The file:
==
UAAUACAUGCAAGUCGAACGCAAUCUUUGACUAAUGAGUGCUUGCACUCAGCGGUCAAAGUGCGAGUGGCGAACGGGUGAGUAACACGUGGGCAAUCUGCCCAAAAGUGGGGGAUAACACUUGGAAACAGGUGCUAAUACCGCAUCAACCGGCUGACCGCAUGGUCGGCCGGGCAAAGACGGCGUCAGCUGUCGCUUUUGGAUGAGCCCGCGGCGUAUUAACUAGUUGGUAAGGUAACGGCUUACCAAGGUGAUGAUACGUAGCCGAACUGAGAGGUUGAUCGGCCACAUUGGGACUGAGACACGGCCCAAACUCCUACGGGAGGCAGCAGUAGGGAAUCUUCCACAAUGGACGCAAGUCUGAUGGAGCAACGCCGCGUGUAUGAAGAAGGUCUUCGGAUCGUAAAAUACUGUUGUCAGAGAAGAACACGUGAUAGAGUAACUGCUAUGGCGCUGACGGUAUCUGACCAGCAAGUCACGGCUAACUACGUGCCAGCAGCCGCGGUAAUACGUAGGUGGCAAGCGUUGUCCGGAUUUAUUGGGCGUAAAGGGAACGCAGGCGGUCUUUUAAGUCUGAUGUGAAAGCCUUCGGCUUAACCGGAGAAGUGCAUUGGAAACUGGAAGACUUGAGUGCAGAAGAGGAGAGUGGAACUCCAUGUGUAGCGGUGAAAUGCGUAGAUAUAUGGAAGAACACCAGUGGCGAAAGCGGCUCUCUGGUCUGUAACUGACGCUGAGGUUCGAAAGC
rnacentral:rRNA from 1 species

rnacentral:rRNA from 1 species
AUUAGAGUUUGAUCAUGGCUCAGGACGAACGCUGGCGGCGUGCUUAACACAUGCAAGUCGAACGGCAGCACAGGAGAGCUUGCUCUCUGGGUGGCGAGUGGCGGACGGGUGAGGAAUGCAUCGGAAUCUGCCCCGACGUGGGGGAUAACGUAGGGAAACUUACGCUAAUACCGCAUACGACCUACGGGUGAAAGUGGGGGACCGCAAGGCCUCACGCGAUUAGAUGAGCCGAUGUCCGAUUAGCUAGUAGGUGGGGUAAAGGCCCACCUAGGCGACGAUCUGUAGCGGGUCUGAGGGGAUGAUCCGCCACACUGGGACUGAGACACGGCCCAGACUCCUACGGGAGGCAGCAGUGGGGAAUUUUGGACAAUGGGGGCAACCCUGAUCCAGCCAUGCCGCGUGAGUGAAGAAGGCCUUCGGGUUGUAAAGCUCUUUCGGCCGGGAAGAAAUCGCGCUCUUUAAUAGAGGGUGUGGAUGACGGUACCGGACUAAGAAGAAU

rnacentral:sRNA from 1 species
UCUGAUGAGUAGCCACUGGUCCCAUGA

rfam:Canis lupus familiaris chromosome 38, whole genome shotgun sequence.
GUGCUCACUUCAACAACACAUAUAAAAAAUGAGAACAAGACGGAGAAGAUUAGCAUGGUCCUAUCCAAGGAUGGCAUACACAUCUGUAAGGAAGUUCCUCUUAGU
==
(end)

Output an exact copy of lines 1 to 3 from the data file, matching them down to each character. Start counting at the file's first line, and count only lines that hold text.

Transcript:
UAAUACAUGCAAGUCGAACGCAAUCUUUGACUAAUGAGUGCUUGCACUCAGCGGUCAAAGUGCGAGUGGCGAACGGGUGAGUAACACGUGGGCAAUCUGCCCAAAAGUGGGGGAUAACACUUGGAAACAGGUGCUAAUACCGCAUCAACCGGCUGACCGCAUGGUCGGCCGGGCAAAGACGGCGUCAGCUGUCGCUUUUGGAUGAGCCCGCGGCGUAUUAACUAGUUGGUAAGGUAACGGCUUACCAAGGUGAUGAUACGUAGCCGAACUGAGAGGUUGAUCGGCCACAUUGGGACUGAGACACGGCCCAAACUCCUACGGGAGGCAGCAGUAGGGAAUCUUCCACAAUGGACGCAAGUCUGAUGGAGCAACGCCGCGUGUAUGAAGAAGGUCUUCGGAUCGUAAAAUACUGUUGUCAGAGAAGAACACGUGAUAGAGUAACUGCUAUGGCGCUGACGGUAUCUGACCAGCAAGUCACGGCUAACUACGUGCCAGCAGCCGCGGUAAUACGUAGGUGGCAAGCGUUGUCCGGAUUUAUUGGGCGUAAAGGGAACGCAGGCGGUCUUUUAAGUCUGAUGUGAAAGCCUUCGGCUUAACCGGAGAAGUGCAUUGGAAACUGGAAGACUUGAGUGCAGAAGAGGAGAGUGGAACUCCAUGUGUAGCGGUGAAAUGCGUAGAUAUAUGGAAGAACACCAGUGGCGAAAGCGGCUCUCUGGUCUGUAACUGACGCUGAGGUUCGAAAGC
rnacentral:rRNA from 1 species

rnacentral:rRNA from 1 species